Capital Budgeting Determining how to allocate capital on new investment
Capital Budgeting n n n Capital Budgeting as a Management Practice Estimation of Cash Flow Evaluation Techniques n n n Net Present Value (NPV Rule) Internal Rate of Return Payback Risk and Capital Budgeting Case
Capital Budgeting as a Management Process n n Development of a strategic plan Generation of potential investment opportunities n Estimation of a project’s cash flows n Acceptance or rejection n Project post-audit
Investment Projects and Investment Criteria n Investment projects often are defined by: n n the industry in which a firm operates the mission statement of a non-profit firm. Managers should use criteria consistent with increasing shareholder wealth. There are trade-offs among different criteria used by companies
Net Present Value Formula n Net Present Value (NPV) n n The difference between the PV of a project’s future after-tax cash flows and the project’s initial cost. General formula for NPV: where n n n Ci is a project’s ith cash flow (may be positive or negative) N is the length of the project in time periods R is the project’s required rate of return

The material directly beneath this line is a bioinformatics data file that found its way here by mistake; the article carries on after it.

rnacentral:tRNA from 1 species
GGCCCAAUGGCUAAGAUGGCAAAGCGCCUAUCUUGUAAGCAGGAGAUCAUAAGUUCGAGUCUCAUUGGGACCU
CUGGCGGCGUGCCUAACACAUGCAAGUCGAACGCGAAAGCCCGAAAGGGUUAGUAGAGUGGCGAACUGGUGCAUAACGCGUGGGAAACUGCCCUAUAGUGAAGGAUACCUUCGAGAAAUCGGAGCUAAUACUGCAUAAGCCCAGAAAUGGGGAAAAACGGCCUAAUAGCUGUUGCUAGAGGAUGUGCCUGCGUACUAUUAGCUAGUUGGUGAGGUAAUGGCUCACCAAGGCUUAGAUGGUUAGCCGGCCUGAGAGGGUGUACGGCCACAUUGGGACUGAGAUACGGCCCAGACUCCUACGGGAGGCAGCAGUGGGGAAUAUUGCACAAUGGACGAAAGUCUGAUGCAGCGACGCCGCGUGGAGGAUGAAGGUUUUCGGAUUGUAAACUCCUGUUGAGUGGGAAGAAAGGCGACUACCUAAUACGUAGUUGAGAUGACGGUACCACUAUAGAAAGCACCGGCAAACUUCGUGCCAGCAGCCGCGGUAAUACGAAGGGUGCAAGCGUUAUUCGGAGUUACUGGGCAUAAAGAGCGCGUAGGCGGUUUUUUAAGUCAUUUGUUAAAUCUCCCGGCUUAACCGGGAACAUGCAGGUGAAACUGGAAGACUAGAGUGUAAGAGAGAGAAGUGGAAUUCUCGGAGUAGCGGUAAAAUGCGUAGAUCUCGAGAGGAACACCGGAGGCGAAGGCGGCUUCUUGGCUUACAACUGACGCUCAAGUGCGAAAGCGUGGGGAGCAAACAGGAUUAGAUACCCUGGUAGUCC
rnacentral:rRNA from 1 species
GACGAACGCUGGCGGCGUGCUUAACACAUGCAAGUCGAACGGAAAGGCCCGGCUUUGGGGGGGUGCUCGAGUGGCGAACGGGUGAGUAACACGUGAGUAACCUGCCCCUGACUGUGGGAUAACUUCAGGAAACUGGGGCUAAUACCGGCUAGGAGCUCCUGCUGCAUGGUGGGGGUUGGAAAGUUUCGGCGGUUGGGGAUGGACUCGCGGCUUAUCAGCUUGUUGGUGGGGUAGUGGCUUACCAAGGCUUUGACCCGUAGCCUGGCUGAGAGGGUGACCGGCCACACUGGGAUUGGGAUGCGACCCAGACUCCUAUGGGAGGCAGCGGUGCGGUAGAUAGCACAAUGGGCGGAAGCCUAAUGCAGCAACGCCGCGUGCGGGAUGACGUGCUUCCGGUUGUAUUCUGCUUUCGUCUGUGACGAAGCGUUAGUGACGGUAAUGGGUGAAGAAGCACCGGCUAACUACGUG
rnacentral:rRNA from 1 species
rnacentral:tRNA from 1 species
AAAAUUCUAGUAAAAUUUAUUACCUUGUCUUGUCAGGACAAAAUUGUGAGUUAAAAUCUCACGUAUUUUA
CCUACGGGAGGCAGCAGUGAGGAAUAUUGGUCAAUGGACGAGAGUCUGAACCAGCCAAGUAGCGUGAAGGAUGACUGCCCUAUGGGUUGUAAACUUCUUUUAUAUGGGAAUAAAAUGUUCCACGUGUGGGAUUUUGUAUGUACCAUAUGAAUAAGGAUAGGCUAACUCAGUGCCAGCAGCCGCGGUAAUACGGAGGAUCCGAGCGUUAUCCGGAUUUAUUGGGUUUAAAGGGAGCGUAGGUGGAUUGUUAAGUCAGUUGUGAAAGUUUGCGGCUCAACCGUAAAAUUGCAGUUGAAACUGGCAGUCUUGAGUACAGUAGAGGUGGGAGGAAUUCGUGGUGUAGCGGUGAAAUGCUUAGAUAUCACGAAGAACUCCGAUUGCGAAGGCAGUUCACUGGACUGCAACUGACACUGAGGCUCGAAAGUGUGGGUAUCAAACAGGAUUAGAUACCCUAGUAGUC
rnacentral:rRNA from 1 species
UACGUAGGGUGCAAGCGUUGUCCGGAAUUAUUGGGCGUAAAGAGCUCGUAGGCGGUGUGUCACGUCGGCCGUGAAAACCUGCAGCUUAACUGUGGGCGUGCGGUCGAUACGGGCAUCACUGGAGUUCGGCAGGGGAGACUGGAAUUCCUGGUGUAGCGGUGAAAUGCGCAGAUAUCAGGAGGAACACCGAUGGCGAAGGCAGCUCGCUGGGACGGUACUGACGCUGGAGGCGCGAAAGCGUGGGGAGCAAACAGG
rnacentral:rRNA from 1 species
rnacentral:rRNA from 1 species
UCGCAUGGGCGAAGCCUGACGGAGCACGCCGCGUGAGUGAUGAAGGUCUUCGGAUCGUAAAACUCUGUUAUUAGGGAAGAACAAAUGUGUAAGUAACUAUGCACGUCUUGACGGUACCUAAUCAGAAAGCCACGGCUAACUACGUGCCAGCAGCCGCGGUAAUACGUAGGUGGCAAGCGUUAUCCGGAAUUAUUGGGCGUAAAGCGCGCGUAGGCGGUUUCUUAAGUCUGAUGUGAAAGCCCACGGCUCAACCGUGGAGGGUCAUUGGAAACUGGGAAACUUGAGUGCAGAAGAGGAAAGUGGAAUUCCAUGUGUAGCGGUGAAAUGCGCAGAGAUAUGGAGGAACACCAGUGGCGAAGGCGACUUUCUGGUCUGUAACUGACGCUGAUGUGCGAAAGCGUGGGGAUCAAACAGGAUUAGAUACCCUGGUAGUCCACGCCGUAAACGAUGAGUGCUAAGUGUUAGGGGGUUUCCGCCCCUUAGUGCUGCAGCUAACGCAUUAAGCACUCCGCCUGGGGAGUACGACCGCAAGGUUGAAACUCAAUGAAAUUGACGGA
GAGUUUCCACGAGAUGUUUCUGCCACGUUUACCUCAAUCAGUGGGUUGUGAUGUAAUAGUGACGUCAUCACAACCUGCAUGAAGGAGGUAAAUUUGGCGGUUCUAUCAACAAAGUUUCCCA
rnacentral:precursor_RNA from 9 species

Net Present Value Investment Rule n n Net Present Value Rule Accept all projects with a positive net present value. Reject all other projects. WHY? The goal of financial managers is to increase the wealth of shareholders. n n Managers should accept all projects worth more than their cost. Only projects with a positive NPV “add value” to shareholder wealth.
Incremental Cash Flows Only Incremental Cash Flow = Cash Flow with Project – Cash Flow without Project n Include all indirect effects n Forget sunk costs n Include opportunity costs n Remember the investment in working capital n Beware of allocated overhead costs n Discount after-tax cash flows !!!
Estimation of Cash Flow Simplified